OBLIVIOUS - NEW WORKS BY NIGEL COX
Presented by Coates and Scarry, at Gallery 8, Duke Street, London
Opens 10 November 2014
Nigel Cox’s minimalistic oil paintings capture an extraordinary realism. Oblivious references the subjects,
and our own, frequent obliviousness to the world around us.
Cox is inspired by ordinary people going about their everyday lives and the disassociation from their envi-
ronment by immersion in routine. He captures their moments unawares.
Cox often paints his figures from a viewpoint where no face is visible and portrays them against a vague,
vast, empty landscape. A deliberate move, designed to focus the full attention on the figure. The figures are
solitary, confident and calm. They have an inner peace and strength and are at one with their surroundings.
The paintings reflect solitude, tranqui
llity and confidence, giving every day scenes an unexpected and surreal
feeling while keeping them solidly within the real world.
The artist’s love of large open spaces and lack of clutter is obvious as is his fascination by detail. He’s
coined the phrase Photorealistic Minimalism to describe his work. His paintings provide the viewer with a
glimpse beyond the clutter of everyday life, conjuring up notions of escape and peace, offering sanctuary
from the frenetic world outside.
Cox’s background included a period of time working as a radio officer on ships, and a lucky break came
when he was offered a place on Sir Ranulph Fiennes’ Transglobe Expedition - the first circumnavigation of
the globe along the Greenwich Meridian via land, sea and ice. He was later commissioned to paint the first
and, so far, only portrait of Sir Ranulph. Cox is also known for his incredible portrait of dance legend Carlos
Coates and Scarry and Cox will also host a charity private view to benefit the Terrence Higgins Trust on
Thursday 20 November from 1800 until 2100. A limited edition of two specially selected prints will be re-
leased on the night, with all proceeds going to the Trust.
Cox paints primarily in oil on linen, building up thin layers of precise paint, developing depth and detail, and
bringing an important warmth to the work. The resulting paintings are smooth to the touch and glow with a
subtle inner light and life.
The artist says of one seminal moment in the development of his work:
“While travelling through Liverpool Street Station on a sunny day in 2004 I noticed a girl sitting on a seat in
the concourse reading a book. I sat down on the floor against a pillar and photographed her, amazed that no
one else noticed how wonderful she looked. For her, the Station no longer existed. She was immersed in her
book and was oblivious to everything around her. She had, unwittingly, removed herself from this place,
transporting herself elsewhere. I was captivated by how special people can be when removed from the crowd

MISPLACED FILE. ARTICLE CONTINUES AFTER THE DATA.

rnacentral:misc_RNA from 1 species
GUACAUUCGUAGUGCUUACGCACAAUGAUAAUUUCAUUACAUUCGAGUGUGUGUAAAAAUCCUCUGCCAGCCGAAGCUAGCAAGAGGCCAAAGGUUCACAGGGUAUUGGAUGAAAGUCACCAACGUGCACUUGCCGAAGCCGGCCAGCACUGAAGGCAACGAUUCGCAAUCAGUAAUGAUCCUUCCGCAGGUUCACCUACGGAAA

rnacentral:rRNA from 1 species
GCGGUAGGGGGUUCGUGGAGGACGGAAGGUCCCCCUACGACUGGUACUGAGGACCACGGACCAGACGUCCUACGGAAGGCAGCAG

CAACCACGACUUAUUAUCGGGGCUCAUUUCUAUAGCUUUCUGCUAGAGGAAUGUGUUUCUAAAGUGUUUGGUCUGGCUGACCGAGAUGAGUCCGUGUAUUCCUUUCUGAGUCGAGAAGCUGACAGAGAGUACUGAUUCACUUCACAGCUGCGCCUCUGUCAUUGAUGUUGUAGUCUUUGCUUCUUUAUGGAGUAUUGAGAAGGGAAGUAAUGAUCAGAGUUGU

and how wonderful it is to observe them, alone, in this state.”
This idea developed in Cox’s mind and formulated his signature style.
The show also introduces a new element in Cox’s work. He has begun developing the backgrounds, intro-
ducing vague, grey fog so prevalent in his early work, to show scenes of modern political turmoil - soldiers,
military helicopters emphasizing our common obliviousness to the modern world around us despite being
more connected than ever through the internet and social media.
Oblivious - Open from Monday 10th November 2014 until Saturday 22nd November 2014, 1100 until
1900 everyday, at Gallery 8, 8 Duke Street, St James's, London SW1Y 6BN.
Viewing also by private appointment - please call Richard Scarry on 07540 793 264.
Press please contact Abigail Stuart-Menteth, Damson PR, t: 078 555 26 550 or e:
Notes to editors:
1. Press and private preview on Wednesday 12th November 6.00-9.30pm please RSVP to
2. Coates and Scarry and Nigel will also host a charity private view to benefit the Terence Higgins Trust
on Thursday 20 November from 1800 until 2100. A limited edition of two specially selected prints will
be released on the night, with all proceeds going to the Trust.
3. Dr Rosemary Gillespie, Chief Executive at Terrence Higgins Trust, said: “We’re thrilled that Coates
and Scarry and Nigel Cox have chosen our charity to benefit from this show. The art world has a long hi-
story of championing HIV as a cause, and it is great to see this support continuing today. The funds
raised through sales of these exceptional prints will help people living with and affected by HIV and se-
xual ill health.”
4. The Terrence Higgins Trust is the UK’s largest HIV and sexual health charity with centres across Eng-
land, Scotland and Wales. The Trust provides information and advice about HIV and sexual health
and offers a range of services including sexual health checks, counselling and support
5. Coates and Scarry curate and exhibit internationally groundbreaking shows. Recent exhibitions include
Unnatural-Natural History at the Royal West of England Academy in 2012 and Trailblazers at Above
Second, Hong Kong in 2013.
OBLIVIOUS II | 36” x 60” | Oil on linen
Oblivious II depicts a girl shopping and messaging friends. She is totally involved in the here and now . .
.and oblivious to what is happening around her but also to what’s happening around the world while she goes
about her very normal life.
The Striding Shadow | 48” x 48” | Oil on linen
A girl striding towards her destination. Viewed from above showing us an extreme perspective of the girl
that is less familiar to us . . . this is accentuated by her shadow that reflects a more familiar profile.
Heisenberg’s Apprentice | 36” x 30” | Oil on linen
A young shopper walking down the street in busy London. Removing him from his surroundings gives the
figure a positive and confident feeling. Changing the logo on the bag, from a department store branded bag
to the ‘Golden Moth Chemicals’ logo from hit TV series Breaking Bad gives an edge to the painting for
those in the know. The title references the TV series also.